The Farlex Grammar Book > English Spelling and Pronunciation > Pronunciation Conventions > Tricky Vowel Sounds (Monophthongs, Diphthongs, and Triphthongs) > Diphthongs
What is a diphthong?
A diphthong is a single-syllable vowel sound in which the beginning of the sound is different from the end sound—that is, the sound glides from one vowel sound to another. For this reason, diphthongs are often referred to as gliding vowels. A “pure” vowel sound that doesn’t glide is known as a monophthong. It’s also possible (though less common) to have a single syllable that glides between three vowel sounds; this is known as a triphthong, which we’ll look at in another section.
There are eight vowel sounds in American English that are generally agreed upon as being diphthongs. We already encountered four of these when we looked at “traditional” long vowels (vowel sounds that are pronounced the same way as the names of the letters), but there are also a few others that occur. Let’s start by reviewing the diphthongs that make up the traditional long vowels, and then we’ll move on to the rest.
Traditional long vowels
With the exception of long E (/i/), all of the traditional long vowel sounds are diphthongs. These most predictably occur when the vowel letter is followed by a single consonant and a silent “e”:
Vowel Sound (IPA Symbol)
How to pronounce it
(*Note that the traditional transcription for long U is /juː/. The triangular colon [ ː ] represents the elongation of the vowel sound. However, in most American dictionaries, this colon is omitted because the elongation of /ju/ is implied. This guide follows the convention of omitting the triangular colon so that the IPA pronunciations match what would be found in an American dictionary.)
The silent “e” rule is not the only instance when these long-vowel diphthongs occur. For more information on when a vowel creates the traditional long sound, go to the section overview on Vowels.
In addition to the four diphthongs listed above, there are two other diphthongs that regularly occur in American English pronunciation. There are also two others that are sometimes articulated (but aren’t always included in IPA transcriptions).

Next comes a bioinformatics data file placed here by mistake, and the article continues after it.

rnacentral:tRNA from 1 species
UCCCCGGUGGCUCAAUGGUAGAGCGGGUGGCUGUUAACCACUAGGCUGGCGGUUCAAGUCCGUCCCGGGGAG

Below, we’ll look at each diphthong individually, listing common vowel digraphs that form the sound, along with example words and their full IPA pronunciations.
This diphthong is pronounced “au-ee”—it begins with the /ɔ/ sound (as in dawn or door) and glides to the /ɪ/ sound (as in pit). It generally only occurs with the vowel combinations “OY” and “OI.”
This diphthong is pronounced “ah-oo”—the vowel glides from the /æ/ sound (as in bat) to the /ʊ/ sound (as in pull). It generally occurs with the digraphs “OU” and “OW.”
(GH becomes silent)
Be careful, though, because many words that have “OU” or “OW” spellings will make the long O (/oʊ/) vowel sound, as in:
- though (/ðoʊ/; GH is silent)
- boulder (/boʊldər/)
- soul (/soʊl/)
- lower (/loʊər/)
- own (/oʊn)
- growth (/groʊθ/)
Finally, some words that are spelled with “OW” can be pronounced either way, which alters the meaning of the word altogether. Let’s look at some common examples:
1. (noun) A weapon that shoots arrows.
2. (noun) A knot composed of two or more loops.
1. (verb) To incline or bend forward.
2. (verb) To yield or submit.
1. (noun) A number of people or things arranged in a line.
2. (verb) To propel forward using the leverage of an oar or a similar instrument.
1. (noun) A noisy quarrel or argument.
2. (verb) To engage or participate in such a quarrel.
(verb) To plant or scatter seed(s).
(noun) An adult female swine.
There are two other diphthongs that sometimes occur in American English: /ɪə/ and /ɛə/. These can be found in certain instances where a vowel sound is followed by an “r.” However, it is very common in General American pronunciations to omit the schwa sound before the “r” in /ɪər/ and /ɛər/, and the standard transcription in (most) American dictionaries is often simply /ɪr/ or /ɛr/, respectively. While the IPA transcriptions used in this guide generally favor the trends of American dictionaries (and do not include the schwas as a result), we’ll have a quick look below at when they might occur.
When this diphthong is articulated, it is pronounced “ih-uh,” quickly gliding from the short I sound /ɪ/ (as in tip) to an unstressed schwa (/ə/). It usually occurs with the digraphs “EE,” “EA,” and “IE” when they are followed by an “R.”
IPA in American Dictionaries
(*Note that “-ier” is often used to create the comparative form of adjectives that end in “y,” as in happier, fussier, busier, etc. In this case, “-ier” is pronounced “ee-er,” and its IPA notation is /iər/. This is not a diphthong, however, because it is stressed as two separate syllables.)
When this diphthong is articulated, it is pronounced “eh-uh,” quickly gliding from the short “E” sound /ɛ/ (as in set) to an unstressed schwa (/ə/). (In some dialects, the “E” sound sometimes raises up slightly to sound more like “ei”; for this reason, some dictionaries transcribe the diphthong as /eə/ instead.)
This diphthong usually occurs with the letter combinations “ARE” and “AIR,” but be careful: it also sometimes occurs with “EAR,” which is often pronounced /ɪər/. All of the root “EAR” words that have the /ɛər/ pronunciation are listed below.
IPA in American Dictionaries
(meaning “to rip”)
*The most notable exception to this rule is the short word are, which is pronounced “ahr” (/ɑr/).
It’s also important to note that verbs ending in ARE keep this pronunciation even when they are made into a gerund or present participle, in which case the final “e” is replaced with “-ing.” For example:
- daring (/dɛ(ə)rɪŋ/)
- sharing (/ʃɛ(ə)rɪŋ/)
- caring (/kɛ(ə)rɪŋ/)
- staring (/stɛ(ə)rɪŋ/)
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